950 casualties: 122 killed; 799 injured; 29 unknown

 

The last known mine/ERW casualties in Jordan were in 2011, when six casualties were recorded.[2]

The National Committee for Demining and Rehabilitation (NCDR) has recorded 950 mine/ERW casualties (122 killed; 799 injured; 29 unknown) since 1948.[3]



[1] Casualty data for 2017 is based on an email from Mohammad Breikat, National Director, The National Committee for Demining and Rehabilitation (NCDR), 7 March 2018.

[2] Casualty data and statistics for the period 2000 to 2013 provided by Adnan Telfah, NCDR, 10 March 2014. Between 2000 and 2013, 67 casualties were caused by antipersonnel mines, while 61 were caused by ERW.

[3] Email from Adnan Telfah, NCDR, June 2012; and casualty data and statistics for the period 2000 to 2013 provided by Adnan Telfah, NCDR, 10 March 2014.


Victim Assistance

Last updated: 10 October 2018

Victim assistance action points

  • Improve rehabilitation centers and provide adequate training to staff.
  • Ensure the full implementation of the new law on the rights of persons with disabilities.
  • Ensure mine/explosive remnants of war (ERW) survivors’ full access to medical insurance, quality rehabilitation care, and services as identified in the 2015–2020 Mine Action Plan.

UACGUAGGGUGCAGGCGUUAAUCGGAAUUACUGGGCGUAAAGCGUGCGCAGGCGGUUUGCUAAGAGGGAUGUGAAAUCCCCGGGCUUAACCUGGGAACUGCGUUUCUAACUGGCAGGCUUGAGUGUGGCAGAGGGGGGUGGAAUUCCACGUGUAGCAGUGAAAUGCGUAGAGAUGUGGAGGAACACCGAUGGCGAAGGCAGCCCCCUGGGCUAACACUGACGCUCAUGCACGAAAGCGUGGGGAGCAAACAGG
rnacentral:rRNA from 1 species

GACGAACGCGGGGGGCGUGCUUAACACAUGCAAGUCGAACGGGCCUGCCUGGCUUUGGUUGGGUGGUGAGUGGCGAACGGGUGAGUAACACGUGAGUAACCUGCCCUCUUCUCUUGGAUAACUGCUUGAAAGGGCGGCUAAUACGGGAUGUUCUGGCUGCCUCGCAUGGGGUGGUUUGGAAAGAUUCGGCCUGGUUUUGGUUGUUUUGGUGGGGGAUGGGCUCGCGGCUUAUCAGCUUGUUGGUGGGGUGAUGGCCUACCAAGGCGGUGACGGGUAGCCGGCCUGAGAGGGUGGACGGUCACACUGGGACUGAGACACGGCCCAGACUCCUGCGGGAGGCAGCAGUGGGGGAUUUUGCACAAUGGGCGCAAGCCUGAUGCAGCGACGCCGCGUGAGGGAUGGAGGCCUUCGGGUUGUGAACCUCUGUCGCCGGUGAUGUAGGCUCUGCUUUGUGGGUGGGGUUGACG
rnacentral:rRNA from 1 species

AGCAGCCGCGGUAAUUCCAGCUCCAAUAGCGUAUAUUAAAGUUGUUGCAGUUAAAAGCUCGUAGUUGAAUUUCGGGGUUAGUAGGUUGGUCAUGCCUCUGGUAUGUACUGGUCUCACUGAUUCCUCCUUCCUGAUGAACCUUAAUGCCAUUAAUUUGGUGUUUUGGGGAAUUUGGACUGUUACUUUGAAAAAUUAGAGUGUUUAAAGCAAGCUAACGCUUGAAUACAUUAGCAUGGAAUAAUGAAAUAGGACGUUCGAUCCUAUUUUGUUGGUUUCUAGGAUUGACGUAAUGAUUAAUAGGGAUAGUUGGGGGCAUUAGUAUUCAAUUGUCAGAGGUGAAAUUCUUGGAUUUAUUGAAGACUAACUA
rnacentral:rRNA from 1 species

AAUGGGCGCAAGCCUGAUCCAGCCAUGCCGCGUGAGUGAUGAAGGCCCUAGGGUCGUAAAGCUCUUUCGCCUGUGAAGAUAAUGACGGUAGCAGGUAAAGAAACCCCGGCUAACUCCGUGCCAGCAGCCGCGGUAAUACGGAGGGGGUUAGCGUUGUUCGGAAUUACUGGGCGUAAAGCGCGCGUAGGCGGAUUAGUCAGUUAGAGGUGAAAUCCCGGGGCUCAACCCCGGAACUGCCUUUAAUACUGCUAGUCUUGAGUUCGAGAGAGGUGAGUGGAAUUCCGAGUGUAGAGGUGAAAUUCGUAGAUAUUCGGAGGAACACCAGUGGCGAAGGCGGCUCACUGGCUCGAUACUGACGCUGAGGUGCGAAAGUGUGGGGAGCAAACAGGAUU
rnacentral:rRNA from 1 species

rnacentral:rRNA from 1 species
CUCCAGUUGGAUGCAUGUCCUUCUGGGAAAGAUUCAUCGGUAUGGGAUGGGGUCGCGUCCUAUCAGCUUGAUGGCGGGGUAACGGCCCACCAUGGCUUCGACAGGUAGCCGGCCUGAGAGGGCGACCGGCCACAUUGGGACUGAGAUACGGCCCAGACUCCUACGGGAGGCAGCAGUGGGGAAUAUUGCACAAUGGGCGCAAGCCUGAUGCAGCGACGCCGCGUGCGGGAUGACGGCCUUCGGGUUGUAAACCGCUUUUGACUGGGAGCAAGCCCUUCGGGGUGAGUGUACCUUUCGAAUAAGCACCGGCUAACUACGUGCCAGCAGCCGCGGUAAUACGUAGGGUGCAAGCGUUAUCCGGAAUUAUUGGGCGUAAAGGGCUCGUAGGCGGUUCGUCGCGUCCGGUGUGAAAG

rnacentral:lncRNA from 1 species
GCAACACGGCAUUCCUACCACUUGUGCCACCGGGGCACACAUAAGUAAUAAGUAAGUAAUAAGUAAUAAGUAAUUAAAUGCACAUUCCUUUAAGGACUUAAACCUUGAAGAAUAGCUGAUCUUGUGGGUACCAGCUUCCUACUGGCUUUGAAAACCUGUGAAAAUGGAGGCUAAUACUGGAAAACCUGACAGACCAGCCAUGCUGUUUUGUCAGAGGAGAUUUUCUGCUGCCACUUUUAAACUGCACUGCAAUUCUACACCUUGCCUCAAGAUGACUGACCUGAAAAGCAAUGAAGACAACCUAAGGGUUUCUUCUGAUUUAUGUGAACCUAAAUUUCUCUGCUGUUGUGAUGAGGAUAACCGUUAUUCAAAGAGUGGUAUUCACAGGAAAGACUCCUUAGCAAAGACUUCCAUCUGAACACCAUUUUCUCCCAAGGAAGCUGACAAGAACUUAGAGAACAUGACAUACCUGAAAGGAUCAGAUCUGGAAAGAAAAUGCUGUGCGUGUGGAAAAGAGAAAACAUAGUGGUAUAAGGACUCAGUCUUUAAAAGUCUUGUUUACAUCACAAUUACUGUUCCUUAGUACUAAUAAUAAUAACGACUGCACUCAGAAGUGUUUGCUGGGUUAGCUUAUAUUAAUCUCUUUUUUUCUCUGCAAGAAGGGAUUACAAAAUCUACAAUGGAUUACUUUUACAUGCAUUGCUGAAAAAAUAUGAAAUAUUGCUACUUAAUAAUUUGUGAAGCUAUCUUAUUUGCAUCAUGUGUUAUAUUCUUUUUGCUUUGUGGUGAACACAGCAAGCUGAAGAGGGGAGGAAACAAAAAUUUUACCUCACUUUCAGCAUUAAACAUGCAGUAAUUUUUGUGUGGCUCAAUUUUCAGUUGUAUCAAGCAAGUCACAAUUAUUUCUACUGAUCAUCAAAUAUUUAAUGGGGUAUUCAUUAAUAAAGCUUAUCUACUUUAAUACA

• Ensure regular maintenance and repair of mine/ERW survivors’ assistive devices, especially for refugees.
  • Develop national prosthetic and orthotic standards as identified in the 2015–2020 Mine Action Plan.

Victim assistance planning and coordination

Government focal point

Higher Council for the Rights of Persons with Disabilities (HCD)[1]

Coordination mechanisms

Steering Committee on Survivor and Victim Assistance, chaired by the HCD[2]

Plans/strategies

Victim assistance is included in the National Mine Action Plan 2015–2020[3]

Disability sector integration

The HCD also serves as the focal point for the implementation of the Convention on the Rights of Persons with Disabilities (CRPD).[4] Victim assistance is integrated into the National Disability Strategy[5]

Survivor inclusion and participation

Survivors are included in the Steering Committee on Survivor and Victim Assistance. The HCD includes representatives of persons with disabilities

Reporting (Article 7 and statements)

Mine Ban Treaty Article 7 Report (for calendar year 2017), Form G

Statement delivered at Mine Ban Treaty 16th Meeting of States Parties in Vienna, in December 2017

 

International commitments and obligations

Jordan is responsible for a significant number of landmine/ERW survivors who are in need: 799 recorded[6]

Mine Ban Treaty

Yes

Convention on Cluster Munitions

No

Convention on Cluster Munitions (CCW) Protocol V

No

Convention on the Rights of Persons with Disabilities (CRPD)

Yes

 

Laws and policies